• Notification of the People of the area nominated: 21 days notice is put at the district assembly, the traditional council and the unit committees of the land area to be considered for the grant of timber rights. If issues of conflict arise within the 21 days, a committee is put in place to study and address the issues raised.
  • Written Consent: If no issues come up within the 21days or issues that come up within the 21 days are resolved, a written consent is obtained from the land owners, individuals or groups whose lands are affected.
  • Compensation Negotiation & Payment: The potential TUC holder is required to identify, engage and negotiate with farmers whose lands will be affected by the timber logging operations on compensation. Compensations must be negotiated, agreed and paid by the bidder.

SRA negotiation: The highest TUC bidder is required to conclude SRA negotiations and sign SRAs with the communities to be affected. This SRA process must be in line with the laid down procedure and represent a value of 5% of total stumpage fee of the timber to be harvested.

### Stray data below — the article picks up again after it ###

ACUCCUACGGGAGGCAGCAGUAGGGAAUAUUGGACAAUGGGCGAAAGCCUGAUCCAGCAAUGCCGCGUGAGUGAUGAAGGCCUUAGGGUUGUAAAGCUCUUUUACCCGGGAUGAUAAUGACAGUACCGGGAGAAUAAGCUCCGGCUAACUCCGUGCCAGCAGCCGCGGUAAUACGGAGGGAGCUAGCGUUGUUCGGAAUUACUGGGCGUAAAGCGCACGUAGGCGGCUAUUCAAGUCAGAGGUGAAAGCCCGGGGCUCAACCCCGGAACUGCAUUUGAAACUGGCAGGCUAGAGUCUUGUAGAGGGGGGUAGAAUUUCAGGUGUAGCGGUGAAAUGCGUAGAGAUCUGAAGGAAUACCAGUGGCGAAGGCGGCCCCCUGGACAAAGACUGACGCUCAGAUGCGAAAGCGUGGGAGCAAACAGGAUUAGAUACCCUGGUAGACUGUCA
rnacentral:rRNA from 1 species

Grant of timber rights: The grant of timber rights is only given to the highest bidder after proof of having complied with all the conditions including compensation and SRA.

SRA Fulfilment: Communities are required to demand the fulfilment of the SRA as agreed and signed. Failure of the logger to comply with the SRA amounts to an infraction and should result in the nullification of the grant of timber rights (TUC). Communities can also request for a re-negotiation of the SRA if irregularities are identified (e.g. if it comes to the notice of communities that the package agreed earlier is less than 5% of the stumpage fees).

Community Access to Non Forest Timber Products & timber off-cuts: Communities  have the right to access the area for NTFPs and off-cuts.

Monitoring of Logging Operations: Communities have the responsibility to monitor timber logging operations and ensure the timber company is not engaged in any irregularities and illegalities. Communities are encouraged to report such actions through the complaints mechanism of the FC or seek redress through the courts.

Trade and transport

Soon after tree felling a Tree Information Form (TIF) should be completed by the field staff ensuring that species, tree reference number, tree length and the four diameter measurement are entered. Additionally, the contractor should complete a Log Information Form (LIF), which ensures that all logs after cross-cutting are numbered and which provides the link between the tree information on the TIF and the Log measurement and conveyance certificate (LMCC). In case of forest plantations the TIF and LIF are replaced by the Plantation Production Certificate (PPC). A LMCC is issued for conveyance of logs from the log yard to its final destination on a vehicle basis. The LMCC is stamped by the District Forestry Office and signed by the Forestry official before the logs leave the forest.